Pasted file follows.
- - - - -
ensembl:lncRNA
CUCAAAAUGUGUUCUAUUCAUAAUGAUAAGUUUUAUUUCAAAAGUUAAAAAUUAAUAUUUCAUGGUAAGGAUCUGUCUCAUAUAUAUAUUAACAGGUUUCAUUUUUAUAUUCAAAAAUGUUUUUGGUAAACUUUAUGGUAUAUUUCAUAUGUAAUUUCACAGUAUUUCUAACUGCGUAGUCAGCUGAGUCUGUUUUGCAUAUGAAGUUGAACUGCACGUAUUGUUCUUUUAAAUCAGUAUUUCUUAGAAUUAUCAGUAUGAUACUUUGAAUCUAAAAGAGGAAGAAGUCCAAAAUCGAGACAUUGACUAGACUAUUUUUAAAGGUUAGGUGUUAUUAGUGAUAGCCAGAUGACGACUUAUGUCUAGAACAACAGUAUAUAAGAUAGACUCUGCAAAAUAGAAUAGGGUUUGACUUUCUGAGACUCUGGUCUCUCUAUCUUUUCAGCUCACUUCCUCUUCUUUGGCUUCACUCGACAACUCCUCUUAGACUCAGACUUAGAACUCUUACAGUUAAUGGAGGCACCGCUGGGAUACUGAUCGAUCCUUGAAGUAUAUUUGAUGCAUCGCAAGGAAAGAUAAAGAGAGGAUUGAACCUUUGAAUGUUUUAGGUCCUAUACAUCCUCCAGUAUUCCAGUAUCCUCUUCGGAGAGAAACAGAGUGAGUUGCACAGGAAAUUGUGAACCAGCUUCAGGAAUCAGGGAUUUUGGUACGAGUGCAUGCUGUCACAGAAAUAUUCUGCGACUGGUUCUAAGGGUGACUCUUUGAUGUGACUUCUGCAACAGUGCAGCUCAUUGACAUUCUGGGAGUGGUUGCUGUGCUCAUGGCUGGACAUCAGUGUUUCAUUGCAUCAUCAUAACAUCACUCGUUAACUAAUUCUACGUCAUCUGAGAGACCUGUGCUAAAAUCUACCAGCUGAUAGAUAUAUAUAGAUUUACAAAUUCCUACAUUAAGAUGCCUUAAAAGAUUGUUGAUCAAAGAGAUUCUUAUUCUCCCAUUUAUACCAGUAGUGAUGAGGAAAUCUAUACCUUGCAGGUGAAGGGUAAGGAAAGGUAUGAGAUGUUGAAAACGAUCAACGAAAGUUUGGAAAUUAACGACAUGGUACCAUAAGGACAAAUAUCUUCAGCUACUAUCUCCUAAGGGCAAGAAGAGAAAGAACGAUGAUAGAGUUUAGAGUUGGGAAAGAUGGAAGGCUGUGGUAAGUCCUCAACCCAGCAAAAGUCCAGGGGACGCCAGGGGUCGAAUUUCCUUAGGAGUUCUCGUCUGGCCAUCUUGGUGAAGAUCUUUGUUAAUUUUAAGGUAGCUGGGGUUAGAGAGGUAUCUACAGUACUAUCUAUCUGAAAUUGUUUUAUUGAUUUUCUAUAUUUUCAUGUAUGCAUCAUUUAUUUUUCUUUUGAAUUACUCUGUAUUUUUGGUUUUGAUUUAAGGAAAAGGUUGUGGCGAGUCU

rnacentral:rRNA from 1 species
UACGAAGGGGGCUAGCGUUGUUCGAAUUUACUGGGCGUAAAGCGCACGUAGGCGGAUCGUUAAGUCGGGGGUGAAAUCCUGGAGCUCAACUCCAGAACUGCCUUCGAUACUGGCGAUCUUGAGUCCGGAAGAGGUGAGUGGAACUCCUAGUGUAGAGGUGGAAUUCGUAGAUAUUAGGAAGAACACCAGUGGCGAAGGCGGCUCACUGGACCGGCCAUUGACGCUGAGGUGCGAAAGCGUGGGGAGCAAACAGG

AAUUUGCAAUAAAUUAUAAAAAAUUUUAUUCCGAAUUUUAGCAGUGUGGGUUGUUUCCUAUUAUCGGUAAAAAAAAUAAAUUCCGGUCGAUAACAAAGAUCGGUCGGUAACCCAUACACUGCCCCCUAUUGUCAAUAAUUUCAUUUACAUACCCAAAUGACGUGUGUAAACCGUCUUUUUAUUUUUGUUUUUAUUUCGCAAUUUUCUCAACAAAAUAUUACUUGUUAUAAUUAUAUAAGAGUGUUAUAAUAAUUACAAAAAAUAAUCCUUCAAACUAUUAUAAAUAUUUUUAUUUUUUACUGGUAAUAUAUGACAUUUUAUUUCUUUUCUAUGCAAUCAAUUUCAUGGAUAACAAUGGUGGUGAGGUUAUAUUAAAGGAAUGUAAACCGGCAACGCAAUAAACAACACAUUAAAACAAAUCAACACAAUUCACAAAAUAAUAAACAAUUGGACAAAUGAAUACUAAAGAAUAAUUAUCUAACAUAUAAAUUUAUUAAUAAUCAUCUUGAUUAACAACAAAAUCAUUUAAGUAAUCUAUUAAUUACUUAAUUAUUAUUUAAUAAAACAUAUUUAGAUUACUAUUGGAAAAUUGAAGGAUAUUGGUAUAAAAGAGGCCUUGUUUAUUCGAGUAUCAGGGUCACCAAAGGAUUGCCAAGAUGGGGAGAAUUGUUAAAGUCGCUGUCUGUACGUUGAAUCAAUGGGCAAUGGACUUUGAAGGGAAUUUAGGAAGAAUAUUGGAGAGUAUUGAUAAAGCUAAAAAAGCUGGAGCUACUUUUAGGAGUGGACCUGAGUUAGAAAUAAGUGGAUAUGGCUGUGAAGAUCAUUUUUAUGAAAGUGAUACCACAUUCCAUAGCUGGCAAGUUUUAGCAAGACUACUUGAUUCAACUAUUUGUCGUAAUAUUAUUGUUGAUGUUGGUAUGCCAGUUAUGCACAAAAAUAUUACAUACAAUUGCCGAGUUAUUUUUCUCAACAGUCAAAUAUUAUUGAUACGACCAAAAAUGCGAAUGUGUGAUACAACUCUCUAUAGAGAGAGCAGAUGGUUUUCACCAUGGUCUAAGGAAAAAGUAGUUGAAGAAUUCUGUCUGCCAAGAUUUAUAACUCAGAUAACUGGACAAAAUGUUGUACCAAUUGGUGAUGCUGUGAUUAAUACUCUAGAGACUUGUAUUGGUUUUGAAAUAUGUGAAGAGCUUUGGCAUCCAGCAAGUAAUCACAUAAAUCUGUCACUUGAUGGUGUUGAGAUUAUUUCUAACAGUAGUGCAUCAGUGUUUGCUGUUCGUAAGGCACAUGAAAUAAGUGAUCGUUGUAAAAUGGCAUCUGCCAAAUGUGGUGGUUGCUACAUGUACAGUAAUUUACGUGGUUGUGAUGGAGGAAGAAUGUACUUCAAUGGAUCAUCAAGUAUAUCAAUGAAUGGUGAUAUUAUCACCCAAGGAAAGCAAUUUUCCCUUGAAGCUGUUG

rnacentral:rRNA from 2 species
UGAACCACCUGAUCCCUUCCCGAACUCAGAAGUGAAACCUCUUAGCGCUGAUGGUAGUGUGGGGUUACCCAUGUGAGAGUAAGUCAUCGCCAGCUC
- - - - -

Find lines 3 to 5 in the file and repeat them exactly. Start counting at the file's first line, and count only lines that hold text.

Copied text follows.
rnacentral:rRNA from 1 species
UACGAAGGGGGCUAGCGUUGUUCGAAUUUACUGGGCGUAAAGCGCACGUAGGCGGAUCGUUAAGUCGGGGGUGAAAUCCUGGAGCUCAACUCCAGAACUGCCUUCGAUACUGGCGAUCUUGAGUCCGGAAGAGGUGAGUGGAACUCCUAGUGUAGAGGUGGAAUUCGUAGAUAUUAGGAAGAACACCAGUGGCGAAGGCGGCUCACUGGACCGGCCAUUGACGCUGAGGUGCGAAAGCGUGGGGAGCAAACAGG

AAUUUGCAAUAAAUUAUAAAAAAUUUUAUUCCGAAUUUUAGCAGUGUGGGUUGUUUCCUAUUAUCGGUAAAAAAAAUAAAUUCCGGUCGAUAACAAAGAUCGGUCGGUAACCCAUACACUGCCCCCUAUUGUCAAUAAUUUCAUUUACAUACCCAAAUGACGUGUGUAAACCGUCUUUUUAUUUUUGUUUUUAUUUCGCAAUUUUCUCAACAAAAUAUUACUUGUUAUAAUUAUAUAAGAGUGUUAUAAUAAUUACAAAAAAUAAUCCUUCAAACUAUUAUAAAUAUUUUUAUUUUUUACUGGUAAUAUAUGACAUUUUAUUUCUUUUCUAUGCAAUCAAUUUCAUGGAUAACAAUGGUGGUGAGGUUAUAUUAAAGGAAUGUAAACCGGCAACGCAAUAAACAACACAUUAAAACAAAUCAACACAAUUCACAAAAUAAUAAACAAUUGGACAAAUGAAUACUAAAGAAUAAUUAUCUAACAUAUAAAUUUAUUAAUAAUCAUCUUGAUUAACAACAAAAUCAUUUAAGUAAUCUAUUAAUUACUUAAUUAUUAUUUAAUAAAACAUAUUUAGAUUACUAUUGGAAAAUUGAAGGAUAUUGGUAUAAAAGAGGCCUUGUUUAUUCGAGUAUCAGGGUCACCAAAGGAUUGCCAAGAUGGGGAGAAUUGUUAAAGUCGCUGUCUGUACGUUGAAUCAAUGGGCAAUGGACUUUGAAGGGAAUUUAGGAAGAAUAUUGGAGAGUAUUGAUAAAGCUAAAAAAGCUGGAGCUACUUUUAGGAGUGGACCUGAGUUAGAAAUAAGUGGAUAUGGCUGUGAAGAUCAUUUUUAUGAAAGUGAUACCACAUUCCAUAGCUGGCAAGUUUUAGCAAGACUACUUGAUUCAACUAUUUGUCGUAAUAUUAUUGUUGAUGUUGGUAUGCCAGUUAUGCACAAAAAUAUUACAUACAAUUGCCGAGUUAUUUUUCUCAACAGUCAAAUAUUAUUGAUACGACCAAAAAUGCGAAUGUGUGAUACAACUCUCUAUAGAGAGAGCAGAUGGUUUUCACCAUGGUCUAAGGAAAAAGUAGUUGAAGAAUUCUGUCUGCCAAGAUUUAUAACUCAGAUAACUGGACAAAAUGUUGUACCAAUUGGUGAUGCUGUGAUUAAUACUCUAGAGACUUGUAUUGGUUUUGAAAUAUGUGAAGAGCUUUGGCAUCCAGCAAGUAAUCACAUAAAUCUGUCACUUGAUGGUGUUGAGAUUAUUUCUAACAGUAGUGCAUCAGUGUUUGCUGUUCGUAAGGCACAUGAAAUAAGUGAUCGUUGUAAAAUGGCAUCUGCCAAAUGUGGUGGUUGCUACAUGUACAGUAAUUUACGUGGUUGUGAUGGAGGAAGAAUGUACUUCAAUGGAUCAUCAAGUAUAUCAAUGAAUGGUGAUAUUAUCACCCAAGGAAAGCAAUUUUCCCUUGAAGCUGUUG